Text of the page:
Hurricane Sandy Blows Into The Mobile Era
Hurricane Sandy will be remembered for many reasons. Some will remember it as a turning point in the 2012 Presidential Election. Others will remember it a tipping point in the climate change argument. Others still will remember it as yet another example of the sometimes-down-but-never-out spirit of New Yorkers.
I will remember it as the first disaster of the “mobile era.”
I’ve always been fascinated at how “analog” we become during crises. The film 28 Days Later captured our back-to-basics tendency perfectly when the lead character emerges from a coma to discover an evacuated London littered with “missing persons” signs pinned to billboards, tacked to telephone polls, blowing in the wind. When the chips are down, people return to fundamentals – and nothing’s more elemental than ink on paper.
In many ways this behavior is fitting. After all, what good is a computer if there’s no Internet connection? What value does a video camera provide if there’s no screen on which to display the images it captured? In other words, we don’t return to basics when infrastructure fails us; we do so because infrastructure fails us.
Sandy may have bent the East Coast’s mobile infrastructure, but the superstorm didn’t break it. As a result, those affected relied on their mobile devices for communication, aid and community.
Authorities issued mass SMS messages to evacuate entire districts. Entrepreneurs turned chaos into art with sites like #instacane. Field workers published from-the-trenches videos for hundreds of thousands to experience. Drivers created hashtags to let one another know where sparse gas was available. Apps emerged as a viable channel for donation. Humor persisted with 45,000 people checking into “Frankenstorm, NY” on Foursqure. And, in one truly remarkable case, a touch screen literally lit the way for a baby to be delivered.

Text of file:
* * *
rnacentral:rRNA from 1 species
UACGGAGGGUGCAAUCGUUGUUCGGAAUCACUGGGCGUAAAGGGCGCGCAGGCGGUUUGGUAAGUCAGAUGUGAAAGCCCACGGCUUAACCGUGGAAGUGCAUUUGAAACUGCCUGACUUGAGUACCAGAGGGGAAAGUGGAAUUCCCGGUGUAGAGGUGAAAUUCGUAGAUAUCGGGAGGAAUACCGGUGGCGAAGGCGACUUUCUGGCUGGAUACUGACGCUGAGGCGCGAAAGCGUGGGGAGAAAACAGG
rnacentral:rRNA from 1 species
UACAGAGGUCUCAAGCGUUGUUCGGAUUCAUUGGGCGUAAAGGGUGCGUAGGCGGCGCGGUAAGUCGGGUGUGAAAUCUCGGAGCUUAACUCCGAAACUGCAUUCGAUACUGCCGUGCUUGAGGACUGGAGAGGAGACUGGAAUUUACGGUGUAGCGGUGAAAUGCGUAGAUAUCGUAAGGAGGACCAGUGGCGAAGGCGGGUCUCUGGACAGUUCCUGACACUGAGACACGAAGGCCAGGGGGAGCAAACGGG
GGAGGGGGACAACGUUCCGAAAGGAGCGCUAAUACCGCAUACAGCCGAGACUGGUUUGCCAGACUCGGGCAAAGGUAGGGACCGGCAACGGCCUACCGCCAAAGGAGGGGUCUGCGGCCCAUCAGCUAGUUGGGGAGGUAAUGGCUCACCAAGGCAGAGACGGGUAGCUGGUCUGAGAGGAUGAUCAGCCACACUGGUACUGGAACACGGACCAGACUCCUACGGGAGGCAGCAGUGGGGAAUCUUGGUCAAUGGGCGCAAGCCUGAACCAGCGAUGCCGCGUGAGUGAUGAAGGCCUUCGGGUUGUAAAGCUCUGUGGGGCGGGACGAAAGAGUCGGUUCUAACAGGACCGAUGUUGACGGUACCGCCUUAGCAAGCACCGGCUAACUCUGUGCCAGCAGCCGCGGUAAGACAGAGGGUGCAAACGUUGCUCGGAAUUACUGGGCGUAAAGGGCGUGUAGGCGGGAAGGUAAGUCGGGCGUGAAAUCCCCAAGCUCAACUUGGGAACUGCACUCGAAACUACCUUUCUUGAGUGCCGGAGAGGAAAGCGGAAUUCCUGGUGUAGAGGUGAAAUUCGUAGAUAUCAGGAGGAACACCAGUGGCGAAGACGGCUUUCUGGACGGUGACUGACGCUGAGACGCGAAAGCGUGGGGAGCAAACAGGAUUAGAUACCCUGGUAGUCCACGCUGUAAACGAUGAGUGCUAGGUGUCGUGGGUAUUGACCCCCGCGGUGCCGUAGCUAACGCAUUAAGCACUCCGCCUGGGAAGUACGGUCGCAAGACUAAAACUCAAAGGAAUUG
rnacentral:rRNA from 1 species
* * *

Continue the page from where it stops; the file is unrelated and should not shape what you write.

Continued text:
But the role mobile played in Sandy transcended technology. It also affected culture. Collaboration, both great (T-mobile and AT&T combined networks to maximize coverage) and small (an 11 year old girl created a “pop-up” charging station for the battery-depleted), reminded us what truly special people call New York and New Jersey home.
This deck, designed by Jake McKibben and researched by Lauren Pedigo, is not a celebration of technology. Nor is it a victory lap for mobile. But make no mistake: it is a celebration. It’s a celebration of the triumphant spirit of the entire tri-state area, a spirit that was aided by these amazing devices that allowed strangers to lift one another up in ways that nobody would have imagined before Sandy’s winds blew.
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